Man City boss Guardiola fires dig at Man Utd, Arsenal and Chelsea over net spend

Joe Williams
Man City boss Pep Guardiola
Pep Guardiola sits in the dugout ahead of a match.

Man City boss Pep Guardiola insists that money doesn’t guarantee you success in football and used Man Utd, Arsenal and Chelsea as examples of that.

There is a notion that the Citizens’ success is boring and that they are only where they are because of the money they have spent over a number of years.

If Man City win their final two matches of the season they will definitely be crowned Premier League champions for a record fourth consecutive time, while they have a chance of completing a Double if they can overcome arch-rivals Man Utd in the final later this month.

The Citizens face Tottenham on Wednesday night with Ange Postecoglou’s side hoping to keep up their slim chances of qualifying for the Champions League ahead of next season.

Few expect Man City to blow it now, even though they are yet to score a goal at the new Tottenham Hotspur Stadium, while they are strong favourites to beat West Ham on the final day.

Speaking to reporters, Guardiola said: “It’s not boring. It’s difficult.

“Before it was the money. For that reason, Manchester United should have won all the titles, Chelsea – all the titles, Arsenal – all the titles. They spend as much money in the last five years as us. They should be there. They are not there.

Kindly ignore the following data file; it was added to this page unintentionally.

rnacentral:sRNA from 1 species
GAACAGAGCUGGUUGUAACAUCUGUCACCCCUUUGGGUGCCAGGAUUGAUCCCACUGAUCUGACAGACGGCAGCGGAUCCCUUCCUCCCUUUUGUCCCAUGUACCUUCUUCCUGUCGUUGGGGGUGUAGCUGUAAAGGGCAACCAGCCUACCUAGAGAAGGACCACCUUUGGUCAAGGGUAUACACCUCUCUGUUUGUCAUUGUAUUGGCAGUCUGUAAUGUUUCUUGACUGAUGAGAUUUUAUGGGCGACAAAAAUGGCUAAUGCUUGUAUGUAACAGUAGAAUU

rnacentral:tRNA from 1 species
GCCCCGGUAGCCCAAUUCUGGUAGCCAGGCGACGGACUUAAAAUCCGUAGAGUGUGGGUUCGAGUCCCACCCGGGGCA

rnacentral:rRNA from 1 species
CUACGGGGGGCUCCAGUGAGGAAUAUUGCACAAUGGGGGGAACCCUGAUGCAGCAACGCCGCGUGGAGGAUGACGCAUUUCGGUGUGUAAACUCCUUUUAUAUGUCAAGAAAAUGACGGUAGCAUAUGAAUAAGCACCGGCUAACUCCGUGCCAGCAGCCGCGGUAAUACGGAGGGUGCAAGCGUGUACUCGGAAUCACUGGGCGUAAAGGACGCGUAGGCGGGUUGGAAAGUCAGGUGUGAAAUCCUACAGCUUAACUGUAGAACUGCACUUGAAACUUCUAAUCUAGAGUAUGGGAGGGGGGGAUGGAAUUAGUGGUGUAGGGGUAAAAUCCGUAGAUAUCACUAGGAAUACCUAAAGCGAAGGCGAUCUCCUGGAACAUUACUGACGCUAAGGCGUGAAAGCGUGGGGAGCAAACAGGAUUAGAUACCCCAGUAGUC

“For that reason Girona shouldn’t be in the Champions League [next season] and Leicester should win the Premier League.”

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Guardiola may not understand the phrase “squeaky bum time” but the Man City boss admits he feels “tension” heading into final week of the Premier League season.

When Sir Alex Ferguson’s famous “squeaky bum time” comment, made in 2003 when the then Man Utd boss was trying to heap pressure on title rivals Arsenal, was put to the Man City manager it drew a puzzled look.

“Translate please,” said Guardiola. When City’s press officer tried to explain it in a way suitable for a public press conference, he got the meaning.

“A lot of pressure? Why didn’t Sir Alex make an easier sentence for this moment?” said Guardiola, speaking ahead of his side’s trip to Tottenham on Tuesday.

“Now? No. Tomorrow we will feel the tension and the nerves. Of course we will feel it, otherwise it would be a bad sign.

“Every game I feel the right tension, but at the same time I focus on what to do and read what is happening in the game.

“I try to not be so excited to take bad decisions and make my players a little bit anxious for my behaviour; sometimes it happened unfortunately for me and the team.

“I don’t think any competitive football player or manager is numb and relaxed, saying: ‘It doesn’t matter’. Of course we know what we are playing for.

“It is like a quarter-final, semi-final second-leg Champions League or FA Cup. It is something you can’t get back so it’s simple. Win – OK. Lose – bye, bye. So not very complicated.”

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